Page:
Consider the following scenario: A central distribution center (CDC) located in Switzerland wants to evaluate whether it would be beneficial to change the mode of transport to the regional distribution center (DC) located in the south of Norway. Currently, transportation is by truck in order to achieve short transportation cycle times (3 days). Transportation by ship would take 7 days but is cheaper. The title of inventory is transferred as soon as the products arrive at the DC. The relevant average inventory value at the CDC is $300,000 in the finished goods warehouse, plus average $25,000 in-transit inventory with transpor­ta­tion by truck. The average in-transit inventory would double when chang­ing the transportation to ships. At the same time, the annual trans­portation cost would decrease from $20,000 to $15,000, with pay­ment terms toward any carrier of 60 days. The WACC of the firm is 8%.

What is the effect of the change of the mode of transport on NOPAT and EVA after one year? Would you advise changing the transportation mode? Include a sensitivity analysis in your reasoning, as the values of the initial variables can vary in practice. Hint: As the SCVC method only calculates the change of the EVA contribution from a baseline to a changed scenario, you need to consider only values that differ between the scenarios. Solution:

  • NOPAT: +$5,000 (same sales – $5,000 less transportation cost)
  • Average value of accounts payable: from $3,333 ($20,000 / 12 months * 2 months payment terms) to $2,500
  • Capital lockup: +$25,833 ($25,000 higher average in-transit inventory plus $833 lower accounts payable)
  • EVA change: $5,000 - $25,833 * 8% (WACC) = +$2,933

Approaches for sensitivity analysis:

  • Sales could drop because of longer order fulfillment cycle time
  • Higher/lower WACC

1.7.4 Rough-Cut Business Objects

Determine the process plan, the rough-cut process plan, and a possible load profile for the following product P. If not specified differently, the opera­tions for each (intermediate) product are the same as in Figure 1.2.3.3. The lead time at every level and for purchasing adds up to 10 time units.

  • P is produced from one unit of components A and B.
  • A is produced from one unit of component C.
  • B is produced from one unit of components X and Y, by the same operations as for produ­cing C.
  • C is produced from the components X and Z.
  • X, Y, and Z are purchased components.

Apply the technique presented in Section 1.2.5, using the same rules as shown in the example but assuming that components C and B form the single item family B.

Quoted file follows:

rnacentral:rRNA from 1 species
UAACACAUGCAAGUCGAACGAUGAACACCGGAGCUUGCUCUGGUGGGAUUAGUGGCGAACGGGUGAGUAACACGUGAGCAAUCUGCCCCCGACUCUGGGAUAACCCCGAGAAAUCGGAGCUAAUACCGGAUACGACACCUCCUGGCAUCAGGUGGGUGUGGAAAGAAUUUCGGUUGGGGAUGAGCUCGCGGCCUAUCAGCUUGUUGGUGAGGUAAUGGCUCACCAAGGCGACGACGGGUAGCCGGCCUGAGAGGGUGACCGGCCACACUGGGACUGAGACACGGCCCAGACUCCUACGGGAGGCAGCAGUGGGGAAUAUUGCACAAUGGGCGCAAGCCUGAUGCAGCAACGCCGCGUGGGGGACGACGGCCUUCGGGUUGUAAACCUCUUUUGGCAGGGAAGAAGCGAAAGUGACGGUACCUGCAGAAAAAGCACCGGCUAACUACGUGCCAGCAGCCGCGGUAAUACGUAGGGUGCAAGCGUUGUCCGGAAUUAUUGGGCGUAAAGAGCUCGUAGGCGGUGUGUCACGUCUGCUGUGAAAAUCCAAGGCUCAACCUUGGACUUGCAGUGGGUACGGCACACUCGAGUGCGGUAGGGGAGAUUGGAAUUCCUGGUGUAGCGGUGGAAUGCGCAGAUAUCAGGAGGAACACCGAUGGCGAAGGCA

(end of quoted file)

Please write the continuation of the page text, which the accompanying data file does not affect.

Solution a): Process plan:

Solution b): Rough-cut process plan:

Solution c): Possible product load profile:



Course sections and their intended learning outcomes

  • Course 1 – Logistics, Operations, and Supply Chain Management

    Intended learning outcomes: Describe basic definitions, issues, and challenges. Identify business partners and business objects. Explain strategies in the entrepreneurial context. Disclose how performance is measured.

  • 1.1 Basic Definitions, Issues, and Challenges

    Intended learning outcomes: Produce an overview on terms of the working environment and of business life. Explain service orientation in the classical industry, product orientation in the service industry, and the industrial product-service system. Disclose the product life cycle, the synchronization of supply and demand, and the role of inventories. Produce an overview on supply chain management, the role of planning and control as well as the SCOR model.

  • 1.2 Business Objects

    Intended learning outcomes: Present business-partner, and order-related business objects in detail. Explain product-related, process-related, and resource-related business objects. Produce an overview on rough-cut business objects.

  • 1.3 Strategies in the Entrepreneurial Context

    Intended learning outcomes: Differentiate between various entrepreneurial objectives in a company and in a supply chain. Explain resolving conflicting entrepreneurial objectives. Describe the customer order penetration point (OPP) and the coordination with product and process design. Produce an overview on the target area flexibility: investments in enabling organizations, processes, basic technologies, and technologies toward personalized production.

  • 1.4 Performance Indicators and Performance Measurement

    Intended learning outcomes: Present the basics of the measurement, meaning, and practical applicability of logistics performance indicators. Describe performance indicators in the target areas of quality, costs, delivery, and flexibility. Produce an overview on performance indicators of the primary entrepreneurial objective.

  • 1.5 Summary

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  • 1.6 Keywords

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  • 1.7 Scenarios and Exercises

    Intended learning outcomes: Describe improvements in meeting entrepreneurial objectives. Differentiate between entrepreneurial objectives and the ROI. Assessing the Economic Value Added (EVA) of Supply Chain Initiatives. Derive rough-cut business objects from detailed business objects.